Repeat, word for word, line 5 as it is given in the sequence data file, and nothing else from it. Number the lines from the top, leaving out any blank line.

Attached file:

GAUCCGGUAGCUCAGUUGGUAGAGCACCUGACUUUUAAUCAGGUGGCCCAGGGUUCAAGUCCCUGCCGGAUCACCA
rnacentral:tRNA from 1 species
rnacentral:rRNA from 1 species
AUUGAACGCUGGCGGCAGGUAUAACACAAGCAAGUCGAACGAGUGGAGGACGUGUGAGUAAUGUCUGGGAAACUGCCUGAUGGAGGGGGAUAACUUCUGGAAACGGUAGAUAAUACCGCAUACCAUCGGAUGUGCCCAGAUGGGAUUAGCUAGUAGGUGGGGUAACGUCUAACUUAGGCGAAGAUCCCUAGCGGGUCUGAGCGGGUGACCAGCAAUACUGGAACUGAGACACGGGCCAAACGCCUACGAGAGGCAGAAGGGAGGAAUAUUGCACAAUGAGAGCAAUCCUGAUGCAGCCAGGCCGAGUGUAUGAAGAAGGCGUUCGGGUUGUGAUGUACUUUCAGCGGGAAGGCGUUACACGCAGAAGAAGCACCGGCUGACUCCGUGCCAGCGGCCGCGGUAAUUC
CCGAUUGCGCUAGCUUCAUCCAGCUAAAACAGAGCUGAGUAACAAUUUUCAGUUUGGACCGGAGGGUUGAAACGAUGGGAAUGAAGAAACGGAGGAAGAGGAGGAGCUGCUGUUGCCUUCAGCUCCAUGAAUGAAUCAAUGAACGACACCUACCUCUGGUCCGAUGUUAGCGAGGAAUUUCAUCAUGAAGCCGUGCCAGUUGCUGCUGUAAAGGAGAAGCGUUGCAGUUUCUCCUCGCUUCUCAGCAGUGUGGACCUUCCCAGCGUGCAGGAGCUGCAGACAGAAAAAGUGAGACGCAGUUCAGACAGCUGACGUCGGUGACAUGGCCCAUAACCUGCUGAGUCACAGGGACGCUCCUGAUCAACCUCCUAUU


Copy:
CCGAUUGCGCUAGCUUCAUCCAGCUAAAACAGAGCUGAGUAACAAUUUUCAGUUUGGACCGGAGGGUUGAAACGAUGGGAAUGAAGAAACGGAGGAAGAGGAGGAGCUGCUGUUGCCUUCAGCUCCAUGAAUGAAUCAAUGAACGACACCUACCUCUGGUCCGAUGUUAGCGAGGAAUUUCAUCAUGAAGCCGUGCCAGUUGCUGCUGUAAAGGAGAAGCGUUGCAGUUUCUCCUCGCUUCUCAGCAGUGUGGACCUUCCCAGCGUGCAGGAGCUGCAGACAGAAAAAGUGAGACGCAGUUCAGACAGCUGACGUCGGUGACAUGGCCCAUAACCUGCUGAGUCACAGGGACGCUCCUGAUCAACCUCCUAUU